Firework Safety Tips for the Fourth of July Holiday
According to the U.S. Consumer Product Safety Commission, about 12,900 people suffered fireworks-related injuries in 2017 and at least 8 people died due to fireworks, with victims ranging in age from 4 to 57. The body parts most commonly injured from fireworks in 2017 include hands, fingers, head, face, and ears.
Author: Kandace Redd
Published: 5:07 AM EDT July 3, 2018
Millions of Americans will celebrate the Fourth of July with the use of fireworks.
Although fun to watch with family and friends, fireworks are extremely dangerous and can cause severe injuries or death.
According to the U.S. Consumer Product Safety Commission, about 12,900 people suffered fireworks-related injuries in 2017 and at least 8 people died due to fireworks, with victims ranging in age from 4 to 57.
The body parts most commonly injured from fireworks in 2017 include hands, fingers, head, face, and ears.
The U.S. Consumer Product Safety Commission says about 280 people go to the emergency room every day with fireworks-related injuries around the 4th of July holiday.
"CPSC works year round to help prevent deaths and injuries from fireworks," said Ann Marie Buerkle, CPSC acting chairman. "Beyond CPSC's efforts, we want to make sure everyone takes simple safety steps to celebrate safely with their family and friends. We work with the fireworks industry, monitor incoming fireworks shipments at the ports and enforce federal fireworks safety regulations, so that all Americans have a safe Fourth of July."
The Greensboro Fire Department is working to help keep the public safe from fireworks over the July 4th holiday.
Fire crews are urging the public to practice fireworks safety to avoid a trip to the emergency room.
"We prefer you don't use consumer fireworks at your home," said Captain Naomie Dixon, GFD Fire investigator. "We want you to go to professional shoots. However, if you do choose to do it at home, read the caution labels carefully and abide by those."
Fire officials are also asking the public to beware of the use of sparklers.
Sparklers are the number one cause of injuries during the 4th of July holiday.
Sparklers burn at temperatures of about 2,000 degrees, as hot as a blow torch.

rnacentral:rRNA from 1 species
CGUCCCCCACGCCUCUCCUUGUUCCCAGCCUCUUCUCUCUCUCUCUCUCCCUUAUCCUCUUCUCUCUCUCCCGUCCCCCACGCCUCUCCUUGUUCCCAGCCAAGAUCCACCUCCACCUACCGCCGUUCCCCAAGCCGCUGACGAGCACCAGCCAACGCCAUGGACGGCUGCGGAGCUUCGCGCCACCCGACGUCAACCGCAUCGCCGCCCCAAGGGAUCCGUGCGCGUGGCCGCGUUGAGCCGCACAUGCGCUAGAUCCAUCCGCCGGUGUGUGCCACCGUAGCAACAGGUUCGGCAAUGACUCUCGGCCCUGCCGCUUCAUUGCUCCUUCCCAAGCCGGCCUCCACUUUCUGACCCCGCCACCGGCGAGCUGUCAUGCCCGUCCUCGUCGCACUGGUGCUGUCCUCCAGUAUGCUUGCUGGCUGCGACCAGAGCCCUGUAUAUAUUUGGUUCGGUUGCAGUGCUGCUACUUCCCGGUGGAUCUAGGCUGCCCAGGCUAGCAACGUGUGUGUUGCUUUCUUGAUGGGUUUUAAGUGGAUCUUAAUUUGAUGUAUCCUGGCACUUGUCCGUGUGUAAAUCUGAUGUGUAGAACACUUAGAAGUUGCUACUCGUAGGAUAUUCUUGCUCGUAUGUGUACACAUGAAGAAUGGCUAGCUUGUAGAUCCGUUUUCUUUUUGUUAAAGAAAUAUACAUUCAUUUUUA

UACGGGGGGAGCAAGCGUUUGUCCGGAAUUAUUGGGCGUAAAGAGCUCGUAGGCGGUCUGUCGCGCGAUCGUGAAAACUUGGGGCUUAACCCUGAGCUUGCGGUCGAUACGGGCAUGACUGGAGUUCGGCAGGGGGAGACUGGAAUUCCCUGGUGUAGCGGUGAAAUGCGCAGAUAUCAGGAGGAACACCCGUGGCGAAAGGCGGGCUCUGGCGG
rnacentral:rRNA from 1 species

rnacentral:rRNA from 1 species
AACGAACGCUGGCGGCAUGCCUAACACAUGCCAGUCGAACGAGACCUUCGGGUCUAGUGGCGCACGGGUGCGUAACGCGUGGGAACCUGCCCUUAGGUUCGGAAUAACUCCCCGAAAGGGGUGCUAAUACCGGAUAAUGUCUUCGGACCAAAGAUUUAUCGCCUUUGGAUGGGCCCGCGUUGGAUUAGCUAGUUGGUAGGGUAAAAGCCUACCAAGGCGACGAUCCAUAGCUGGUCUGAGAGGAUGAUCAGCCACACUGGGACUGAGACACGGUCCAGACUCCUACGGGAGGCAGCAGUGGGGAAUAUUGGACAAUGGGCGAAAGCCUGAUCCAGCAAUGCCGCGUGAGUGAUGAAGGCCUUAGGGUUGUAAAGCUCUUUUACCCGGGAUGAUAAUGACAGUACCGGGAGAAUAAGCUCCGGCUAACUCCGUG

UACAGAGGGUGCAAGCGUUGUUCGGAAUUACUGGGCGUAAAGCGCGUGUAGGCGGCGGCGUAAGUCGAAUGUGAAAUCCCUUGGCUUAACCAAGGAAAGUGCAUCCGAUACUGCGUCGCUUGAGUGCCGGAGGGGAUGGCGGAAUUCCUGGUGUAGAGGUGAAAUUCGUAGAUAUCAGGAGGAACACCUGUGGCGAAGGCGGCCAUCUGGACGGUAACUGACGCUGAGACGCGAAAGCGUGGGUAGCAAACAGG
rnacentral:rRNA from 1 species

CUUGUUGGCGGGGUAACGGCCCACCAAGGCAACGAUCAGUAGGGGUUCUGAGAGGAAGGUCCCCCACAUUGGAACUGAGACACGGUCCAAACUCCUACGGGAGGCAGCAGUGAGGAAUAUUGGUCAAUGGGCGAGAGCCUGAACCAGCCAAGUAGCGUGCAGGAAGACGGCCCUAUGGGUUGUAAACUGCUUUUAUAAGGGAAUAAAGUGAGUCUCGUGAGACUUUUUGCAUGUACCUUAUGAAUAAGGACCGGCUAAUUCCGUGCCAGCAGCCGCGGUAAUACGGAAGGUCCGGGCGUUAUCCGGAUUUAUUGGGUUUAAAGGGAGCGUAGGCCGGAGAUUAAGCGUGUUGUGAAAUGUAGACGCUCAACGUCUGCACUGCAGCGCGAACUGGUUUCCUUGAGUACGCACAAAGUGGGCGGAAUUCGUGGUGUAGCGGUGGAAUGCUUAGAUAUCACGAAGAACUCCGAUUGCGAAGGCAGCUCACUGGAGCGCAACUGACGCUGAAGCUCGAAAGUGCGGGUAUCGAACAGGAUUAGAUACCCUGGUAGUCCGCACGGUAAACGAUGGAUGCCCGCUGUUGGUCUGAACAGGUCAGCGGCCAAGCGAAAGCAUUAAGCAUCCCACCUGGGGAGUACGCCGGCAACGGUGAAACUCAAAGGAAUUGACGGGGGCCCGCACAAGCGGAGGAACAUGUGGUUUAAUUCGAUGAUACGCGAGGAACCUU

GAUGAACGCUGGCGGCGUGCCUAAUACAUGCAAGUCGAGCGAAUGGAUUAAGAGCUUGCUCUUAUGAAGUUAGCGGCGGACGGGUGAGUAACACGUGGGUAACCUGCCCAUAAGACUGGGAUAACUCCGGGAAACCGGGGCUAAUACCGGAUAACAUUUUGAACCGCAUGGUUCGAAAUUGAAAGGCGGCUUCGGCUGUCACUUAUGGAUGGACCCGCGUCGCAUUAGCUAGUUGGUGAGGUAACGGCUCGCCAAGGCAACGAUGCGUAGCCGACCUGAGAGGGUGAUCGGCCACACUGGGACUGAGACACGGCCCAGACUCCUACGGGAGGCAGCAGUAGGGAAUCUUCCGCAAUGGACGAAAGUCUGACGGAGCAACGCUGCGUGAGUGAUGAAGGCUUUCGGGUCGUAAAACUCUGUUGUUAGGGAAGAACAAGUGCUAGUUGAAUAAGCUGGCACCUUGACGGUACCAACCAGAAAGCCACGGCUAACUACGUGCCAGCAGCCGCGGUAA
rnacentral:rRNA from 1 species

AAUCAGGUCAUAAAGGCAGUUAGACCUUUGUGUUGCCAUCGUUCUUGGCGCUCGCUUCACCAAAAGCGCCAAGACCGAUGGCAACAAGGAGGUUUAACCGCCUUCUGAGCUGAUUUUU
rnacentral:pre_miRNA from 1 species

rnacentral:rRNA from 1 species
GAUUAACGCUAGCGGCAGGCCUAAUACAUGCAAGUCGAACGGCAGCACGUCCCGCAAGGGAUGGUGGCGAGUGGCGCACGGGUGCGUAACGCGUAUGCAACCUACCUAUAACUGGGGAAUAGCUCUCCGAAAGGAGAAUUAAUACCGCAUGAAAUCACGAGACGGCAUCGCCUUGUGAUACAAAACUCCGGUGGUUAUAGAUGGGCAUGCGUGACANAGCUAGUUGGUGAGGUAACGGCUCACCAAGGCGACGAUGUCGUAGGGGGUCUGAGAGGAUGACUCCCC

"If you think about your oven, do you don't want your kids playing around your oven and it maxes out at about 500 degrees," said Dixon. "If you take that into consideration, the sparklers get way hotter than that and there are just a few inches away from their fingers."
The U.S. Consumer Product Safety Commission offers the following safety tips when using fireworks:
- Never allow young children to play with or ignite fireworks.
- Avoid buying fireworks that are packaged in brown paper because this is often a sign that the fireworks were made for professional displays and that they could pose a danger to consumers.
- Always have an adult supervise fireworks activities. Parents don't realize that young children suffer injuries from sparklers. Sparklers burn at temperatures of about 2,000 degrees - hot enough to melt some metals.
- Never place any part of your body directly over a fireworks device when lighting the fuse. Back up to a safe distance immediately after lighting fireworks.
- Never try to re-light or pick up fireworks that have not ignited fully.
- Never point or throw fireworks at another person.
- Keep a bucket of water or a garden hose handy in case of fire or other mishap.
- Light fireworks one at a time, then move back quickly.
- Never carry fireworks in a pocket or shoot them off in metal or glass containers.
- After fireworks complete their burning, douse the spent device with plenty of water from a bucket or hose before discarding it to prevent a trash fire.
- Make sure fireworks are legal in your area before buying or using them.
© 2018 WFMY
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